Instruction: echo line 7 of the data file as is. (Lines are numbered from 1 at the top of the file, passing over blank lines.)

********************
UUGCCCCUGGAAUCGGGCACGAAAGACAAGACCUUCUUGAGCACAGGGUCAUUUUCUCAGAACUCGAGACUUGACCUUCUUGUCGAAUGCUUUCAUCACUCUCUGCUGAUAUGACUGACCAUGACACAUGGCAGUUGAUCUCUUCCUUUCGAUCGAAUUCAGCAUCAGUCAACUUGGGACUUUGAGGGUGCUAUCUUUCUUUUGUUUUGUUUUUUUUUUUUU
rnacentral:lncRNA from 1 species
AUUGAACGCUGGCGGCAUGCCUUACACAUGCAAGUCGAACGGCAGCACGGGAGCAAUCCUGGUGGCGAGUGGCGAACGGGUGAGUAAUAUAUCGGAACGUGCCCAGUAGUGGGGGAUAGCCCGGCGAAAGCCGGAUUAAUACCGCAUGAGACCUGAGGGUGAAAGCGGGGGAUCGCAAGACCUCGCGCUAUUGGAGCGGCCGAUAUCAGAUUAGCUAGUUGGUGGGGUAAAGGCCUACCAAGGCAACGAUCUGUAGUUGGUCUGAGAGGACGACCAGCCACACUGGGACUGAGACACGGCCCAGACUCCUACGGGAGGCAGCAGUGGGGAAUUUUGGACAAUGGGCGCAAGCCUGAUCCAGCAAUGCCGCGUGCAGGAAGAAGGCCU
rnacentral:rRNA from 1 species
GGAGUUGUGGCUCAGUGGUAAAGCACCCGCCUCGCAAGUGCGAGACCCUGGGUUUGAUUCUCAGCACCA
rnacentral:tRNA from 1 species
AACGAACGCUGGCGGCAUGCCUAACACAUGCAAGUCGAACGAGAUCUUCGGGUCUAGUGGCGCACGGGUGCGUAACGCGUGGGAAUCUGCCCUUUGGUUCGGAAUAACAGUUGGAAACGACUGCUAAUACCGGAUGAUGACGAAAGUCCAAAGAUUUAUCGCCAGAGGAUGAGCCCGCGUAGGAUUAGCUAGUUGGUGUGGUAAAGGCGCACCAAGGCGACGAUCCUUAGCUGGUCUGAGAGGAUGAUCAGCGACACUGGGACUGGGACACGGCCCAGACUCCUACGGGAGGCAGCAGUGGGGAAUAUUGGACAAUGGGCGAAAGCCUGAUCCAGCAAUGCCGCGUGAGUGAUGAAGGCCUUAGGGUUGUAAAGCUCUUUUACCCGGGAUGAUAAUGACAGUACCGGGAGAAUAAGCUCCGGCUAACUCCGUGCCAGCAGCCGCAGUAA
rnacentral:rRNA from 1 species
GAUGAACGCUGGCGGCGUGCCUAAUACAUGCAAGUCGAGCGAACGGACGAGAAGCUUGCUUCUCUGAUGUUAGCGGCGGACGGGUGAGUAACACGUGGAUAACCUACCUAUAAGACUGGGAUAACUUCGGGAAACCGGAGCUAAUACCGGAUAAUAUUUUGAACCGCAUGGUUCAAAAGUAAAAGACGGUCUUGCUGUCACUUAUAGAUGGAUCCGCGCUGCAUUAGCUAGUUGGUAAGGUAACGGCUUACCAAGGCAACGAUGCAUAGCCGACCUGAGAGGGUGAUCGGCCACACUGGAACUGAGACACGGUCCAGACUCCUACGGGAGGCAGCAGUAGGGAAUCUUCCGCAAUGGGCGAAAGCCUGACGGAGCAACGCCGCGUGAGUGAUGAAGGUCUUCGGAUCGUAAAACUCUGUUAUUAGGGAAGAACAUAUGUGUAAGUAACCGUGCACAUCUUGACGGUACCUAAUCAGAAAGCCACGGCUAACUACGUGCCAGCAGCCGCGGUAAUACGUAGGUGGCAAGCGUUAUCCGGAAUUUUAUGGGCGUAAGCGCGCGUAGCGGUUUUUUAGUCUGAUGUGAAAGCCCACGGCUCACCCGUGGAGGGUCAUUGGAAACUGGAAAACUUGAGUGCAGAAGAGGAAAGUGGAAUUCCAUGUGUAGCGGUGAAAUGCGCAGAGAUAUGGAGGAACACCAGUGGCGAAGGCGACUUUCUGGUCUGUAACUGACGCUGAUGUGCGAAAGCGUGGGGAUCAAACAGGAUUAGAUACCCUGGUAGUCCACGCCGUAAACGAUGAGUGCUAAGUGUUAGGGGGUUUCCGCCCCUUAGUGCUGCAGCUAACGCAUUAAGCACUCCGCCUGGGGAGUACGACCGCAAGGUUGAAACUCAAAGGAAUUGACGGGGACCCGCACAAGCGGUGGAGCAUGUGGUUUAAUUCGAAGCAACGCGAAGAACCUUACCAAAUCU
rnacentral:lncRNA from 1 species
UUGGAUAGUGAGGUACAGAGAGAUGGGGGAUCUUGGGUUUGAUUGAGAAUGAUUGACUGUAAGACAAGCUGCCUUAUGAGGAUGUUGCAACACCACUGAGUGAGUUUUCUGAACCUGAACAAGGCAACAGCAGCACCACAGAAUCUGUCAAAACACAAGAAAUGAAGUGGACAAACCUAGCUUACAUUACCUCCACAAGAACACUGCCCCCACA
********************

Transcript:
AACGAACGCUGGCGGCAUGCCUAACACAUGCAAGUCGAACGAGAUCUUCGGGUCUAGUGGCGCACGGGUGCGUAACGCGUGGGAAUCUGCCCUUUGGUUCGGAAUAACAGUUGGAAACGACUGCUAAUACCGGAUGAUGACGAAAGUCCAAAGAUUUAUCGCCAGAGGAUGAGCCCGCGUAGGAUUAGCUAGUUGGUGUGGUAAAGGCGCACCAAGGCGACGAUCCUUAGCUGGUCUGAGAGGAUGAUCAGCGACACUGGGACUGGGACACGGCCCAGACUCCUACGGGAGGCAGCAGUGGGGAAUAUUGGACAAUGGGCGAAAGCCUGAUCCAGCAAUGCCGCGUGAGUGAUGAAGGCCUUAGGGUUGUAAAGCUCUUUUACCCGGGAUGAUAAUGACAGUACCGGGAGAAUAAGCUCCGGCUAACUCCGUGCCAGCAGCCGCAGUAA